The UK boasts one of the strongest technology sectors in the world, attracting world-class talent, rapidly growing and enjoying an ecosystem valued at $585 billion, up by more than 120% since 2017. Venture Capital investment in the UK is the third highest in the world, reaching a record-breaking $15 billion in 2020, despite the double whammy of Brexit and Covid-19.
All of which makes it disturbing that many companies within the sector admit they are poorly prepared to prevent, repel or deal with the consequences of a cyberattack.
Darren Guccione is CEO & Co-Founder of Keeper Security.
More than two-thirds (69%) of UK technology and IT companies have suffered a cyberattack during the last 12 months, according to research conducted by Ponemon Institute. It’s a cause for concern when the country’s most technologically advanced organizations are among the least well-prepared to cope with cyber-crime.
These attacks have caused real damage, with the longer term repercussions - and potential costs of data thefts that might be incurred through GDPR fines, as well as private claims - as yet unknown. One-third (32%) of cyberattacks have had an estimated financial impact of over £175,000 per attack, according to respondents to the Ponemon survey.
One year ago, it was understandable that in the initial weeks and months following the imposition of lockdown conditions, the focus for leaders following the shift to remote work was on business continuity - on keeping the wheels in motion while the established workplace was inaccessible. Yet weaknesses that might have been expected to be entirely mitigated in the immediate months following the first lockdown are still commonplace one year on, and show little signs of slowing.
But the past year has also exposed deeper underlying issues for IT and technology firms. The main weaknesses can be broken down into three areas.
1. Investment gap
The events of 2020 stretched IT budgets to the limit. The need to provision equipment and applications for remote working entirely absorbed planned spending on IT for many companies, leaving little left for much else, such as enhanced protection to cover the increased risks associated with remote access and the enforced adoption of bring-your-own-device policies for many organizations. Half of the UK tech sector (49%) say they are now without the sufficient financial resources to successfully prevent cyberattacks. And the likelihood of being able to invest significantly more into cybersecurity measures this year doesn’t look hopeful either.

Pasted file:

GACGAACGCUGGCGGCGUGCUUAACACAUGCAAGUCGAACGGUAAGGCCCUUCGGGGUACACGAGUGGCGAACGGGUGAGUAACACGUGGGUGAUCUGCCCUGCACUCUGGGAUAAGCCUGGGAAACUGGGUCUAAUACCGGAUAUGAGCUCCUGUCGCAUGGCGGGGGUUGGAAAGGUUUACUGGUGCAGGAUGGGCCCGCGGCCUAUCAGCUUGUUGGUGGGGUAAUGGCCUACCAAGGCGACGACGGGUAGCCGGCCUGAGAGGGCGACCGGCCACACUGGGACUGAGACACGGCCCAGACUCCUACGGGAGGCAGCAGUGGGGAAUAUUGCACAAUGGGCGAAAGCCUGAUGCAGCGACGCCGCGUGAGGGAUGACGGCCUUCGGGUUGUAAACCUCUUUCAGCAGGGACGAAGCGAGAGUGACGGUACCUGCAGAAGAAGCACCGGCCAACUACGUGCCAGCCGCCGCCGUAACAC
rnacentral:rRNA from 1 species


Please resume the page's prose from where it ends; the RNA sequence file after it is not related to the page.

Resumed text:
2. IT staff capacity gap
A second, related issue is the ongoing skills gap around specially trained cybersecurity personnel. Perhaps it’s surprising, given the technology-focused nature of the sector, but a clear majority of UK tech firms (61%) say that they are currently without the necessary in-house expertise to prevent cyberattacks or deal with the consequences. Security specialists are in extremely high demand, causing many firms to outsource contractors and other third-parties to assist them. But taking this critical function ‘out of house’ poses the risk of it becoming ‘out of mind’ for business leaders.
3. Governance gap
A general lack of governance and policies around remote working and the related security factors it entails has also contributed to the adverse cybersecurity fallout for the sector. Many organizations have no policies around remote working, password policies or common security practices. While this may have been more forgivable 12 months ago, for the same policies to still be missing a year later, despite the knowledge that cyberattacks are on the rise, is of major concern.
However, remote working is not intrinsically insecure, even if circumstances dictate that employees need to use their own devices to connect to network resources. A series of quick and inexpensive measures can be deployed easily and ramp up a company’s security posture in a matter of days.
Ramping up security
Identity-based attacks - typically, stolen, re-used or guessed login details - have become the most common vector of attack over recent years: these currently account for four out of five breaches according to the WEF.
Many of the legacy ideas around passwords have become outdated. Not least among these is the idea that people will be able to remember the passwords they need to operate on a day-to-day basis. Typical professional workers now need to be able to produce around 85 passwords or more, between their work and home accounts.
Nobody can personally remember so many passwords. As a result, a common response from less security-conscious employees, that while regrettable is also understandable, is repeated passwords or similar groups of passwords based around dictionary words, family names and dates. These are easily guessed at by hackers, with access to millions of regularly used passwords and email addresses floating around hacker-focused forums and groups.
That’s why we need technologies to help us. An enterprise-grade password management platform protects against the organization’s primary attack vectors. Good solutions generate unique, robust login credentials using technology that makes use of world-class encryption, zero-knowledge security architecture and a zero-trust framework.
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